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The fate of one of Scotland’s important and last remaining undeveloped dune systems now lies in the hands of Scottish Ministers after Highland Council’s North Planning Applications Committee voted to grant permission for an 18-hole golf course development on the nationally and internationally protected site for nature.

What you need to know

Councillors voted by eight in favour, six against to allow the plans by developer C4C for Coul Links, near Embo in East Sutherland, against the advice of Highland Council’s own planning officers, and in the face of almost 750 objections including from statutory consultee NatureScot, Scottish Government’s advisers on nature.

Serious concerns have been raised about the wide-ranging impact the golf course would have on the protected sites and nature found within it, but these were not seen as important enough by a majority of Councillors on the Planning Committee to refuse the plans.

The Conservation Coalition is extremely disappointed and very concerned by Highland Council’s decision to grant permission for the plans and is now calling on Scottish Ministers to step in to save Coul Links from development.

This is the second time in five years that Highland Council have decided to support a golf course at Coul Links against officers’ advice and despite the plans being overwhelmingly opposed. The last development was ultimately turned down by Scottish Ministers in 2020 due to the detrimental impact it would have had on nature.

The latest updates:

  • A date has been set for an Inquiry into hugely damaging plans for an 18-hole golf course development on the protected nature site of Coul Links in the Highlands. The DPEA has been considering what further evidence it requires to compile a report on the case and make a recommendation to Ministers. Hearings, a process where the Reporters ask experts for and against the proposal questions to better understand the key issues, are due to take place week beginning 11 November.

Our work in Scotland

Sustainable farming needs government support, report reveals
Wildflowers growing in a meadow with cattle behind

Sustainable farming needs government support, report reveals

As governments continue to undervalue grasslands, Plantlife is calling on policymakers to help farmers make sustainable choices. 

Save Coul Links

Save Coul Links

The Conservation Coalition urge Ministers to step in and save Coul Links as Highland Council votes to grant permission for the golf course.

Government Action for Temperate Rainforests 

Government Action for Temperate Rainforests 

Discover how Plantlife is working with governments to protect and restore temperate rainforest along the Atlantic coast of Britain.

The autumn spectacle of multicoloured waxcaps is an important indicator of ancient grasslands that have been unploughed for decades, and which are rich in carbon and soil biodiversity.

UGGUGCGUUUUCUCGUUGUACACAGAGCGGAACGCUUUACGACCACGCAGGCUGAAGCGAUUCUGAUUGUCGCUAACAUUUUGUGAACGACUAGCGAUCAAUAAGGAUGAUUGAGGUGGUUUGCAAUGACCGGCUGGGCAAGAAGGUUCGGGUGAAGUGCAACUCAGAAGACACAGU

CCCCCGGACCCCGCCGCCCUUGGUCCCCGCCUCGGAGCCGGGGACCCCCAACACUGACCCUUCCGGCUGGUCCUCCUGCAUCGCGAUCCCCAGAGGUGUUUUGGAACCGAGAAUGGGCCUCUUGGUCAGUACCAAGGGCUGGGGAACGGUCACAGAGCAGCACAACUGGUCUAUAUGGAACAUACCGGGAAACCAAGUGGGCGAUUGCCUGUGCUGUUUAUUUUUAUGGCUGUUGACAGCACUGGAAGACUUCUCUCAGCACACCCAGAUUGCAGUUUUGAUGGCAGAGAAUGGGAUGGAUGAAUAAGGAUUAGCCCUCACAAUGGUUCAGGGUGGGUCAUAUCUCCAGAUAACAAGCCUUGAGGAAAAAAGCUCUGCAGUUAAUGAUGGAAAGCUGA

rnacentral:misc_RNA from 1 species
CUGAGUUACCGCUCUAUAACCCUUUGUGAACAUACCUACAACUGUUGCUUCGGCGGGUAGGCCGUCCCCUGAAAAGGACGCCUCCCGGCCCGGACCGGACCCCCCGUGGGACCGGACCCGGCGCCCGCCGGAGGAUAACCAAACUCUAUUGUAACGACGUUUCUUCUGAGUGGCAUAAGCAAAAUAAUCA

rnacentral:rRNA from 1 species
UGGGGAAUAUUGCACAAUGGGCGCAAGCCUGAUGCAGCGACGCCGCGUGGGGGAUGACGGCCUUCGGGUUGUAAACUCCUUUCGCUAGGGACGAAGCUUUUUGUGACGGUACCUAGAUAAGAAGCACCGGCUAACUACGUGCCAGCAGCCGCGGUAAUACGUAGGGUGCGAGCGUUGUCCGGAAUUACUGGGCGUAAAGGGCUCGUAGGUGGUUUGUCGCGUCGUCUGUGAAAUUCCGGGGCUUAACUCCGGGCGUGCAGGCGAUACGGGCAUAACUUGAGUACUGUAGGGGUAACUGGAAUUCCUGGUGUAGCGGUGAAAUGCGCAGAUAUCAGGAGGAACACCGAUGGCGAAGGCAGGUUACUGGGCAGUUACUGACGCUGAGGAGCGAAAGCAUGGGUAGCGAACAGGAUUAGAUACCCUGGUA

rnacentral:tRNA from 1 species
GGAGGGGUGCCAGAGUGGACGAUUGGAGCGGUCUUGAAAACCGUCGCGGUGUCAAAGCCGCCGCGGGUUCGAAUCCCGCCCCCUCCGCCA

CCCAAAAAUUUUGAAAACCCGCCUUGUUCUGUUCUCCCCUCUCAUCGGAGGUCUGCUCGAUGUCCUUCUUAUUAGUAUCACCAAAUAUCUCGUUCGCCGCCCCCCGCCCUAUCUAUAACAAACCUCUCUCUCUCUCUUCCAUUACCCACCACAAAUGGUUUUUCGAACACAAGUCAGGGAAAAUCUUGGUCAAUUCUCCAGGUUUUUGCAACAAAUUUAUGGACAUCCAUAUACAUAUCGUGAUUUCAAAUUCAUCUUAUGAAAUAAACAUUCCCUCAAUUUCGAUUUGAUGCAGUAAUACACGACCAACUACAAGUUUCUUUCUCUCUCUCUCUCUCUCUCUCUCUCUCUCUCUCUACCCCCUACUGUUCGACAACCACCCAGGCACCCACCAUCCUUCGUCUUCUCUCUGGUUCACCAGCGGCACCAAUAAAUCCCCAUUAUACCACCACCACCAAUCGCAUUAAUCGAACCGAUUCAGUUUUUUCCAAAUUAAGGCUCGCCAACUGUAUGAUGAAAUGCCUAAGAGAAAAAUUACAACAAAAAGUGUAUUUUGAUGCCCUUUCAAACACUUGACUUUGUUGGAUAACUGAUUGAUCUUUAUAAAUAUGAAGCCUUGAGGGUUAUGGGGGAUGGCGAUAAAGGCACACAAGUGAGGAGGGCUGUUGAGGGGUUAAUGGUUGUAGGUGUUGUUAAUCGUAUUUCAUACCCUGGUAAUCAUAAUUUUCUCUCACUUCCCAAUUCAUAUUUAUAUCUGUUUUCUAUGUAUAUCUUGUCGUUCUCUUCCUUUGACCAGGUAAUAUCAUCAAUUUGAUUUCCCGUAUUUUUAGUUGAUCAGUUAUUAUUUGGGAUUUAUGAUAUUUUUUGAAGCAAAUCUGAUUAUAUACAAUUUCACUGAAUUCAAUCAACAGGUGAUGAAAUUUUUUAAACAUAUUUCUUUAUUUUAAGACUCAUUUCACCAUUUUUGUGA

Unfortunately, many of these irreplaceable grassland fungi sites continue to disappear under tree planting, new houses, intensive farming, transport infrastructure and more. It is certain that many more are also lost unseen, because of a series of interlinked issues that place the conservation of fungi far behind that of other taxa like mammals and birds. 

What issues do grassland fungi face?

The first, and perhaps most important, is the shortage of skilled field surveyors able to identify and record fungi (known as mycologists). Fortunately, there does seem to be an increasing interest in fungi amongst the public. The 1,500 members of Plantlife’s #WaxcapWatch Facebook page is a reflection of this, and is very encouraging.

However, the number of people working professionally as field surveyors remains very low. Most ecological consultancies, who undertake survey work to protect wildlife during development, don’t employ mycologists. 

This lack of expert recorders and recording means that we still have very little data describing the distribution of fungal species across large parts of the country, especially compared to other taxa.

What happens when there is no data?

There is huge pressure on land use today. We need land for farming, for tree planting, for renewable power generation, for housing: the list goes on. Our ability to deliver nature’s recovery depends on us making good decisions when planning these activities. That in turn ensures that nature is protected, and actually restored, in line with government targets and policies. 

However, picture this: plans are afoot to build a large new housing estate on formerly sheep-grazed agricultural land. Ecological surveys are required. However, a search of databases doesn’t reveal any fungal records, because no field mycologists have ever visited the land.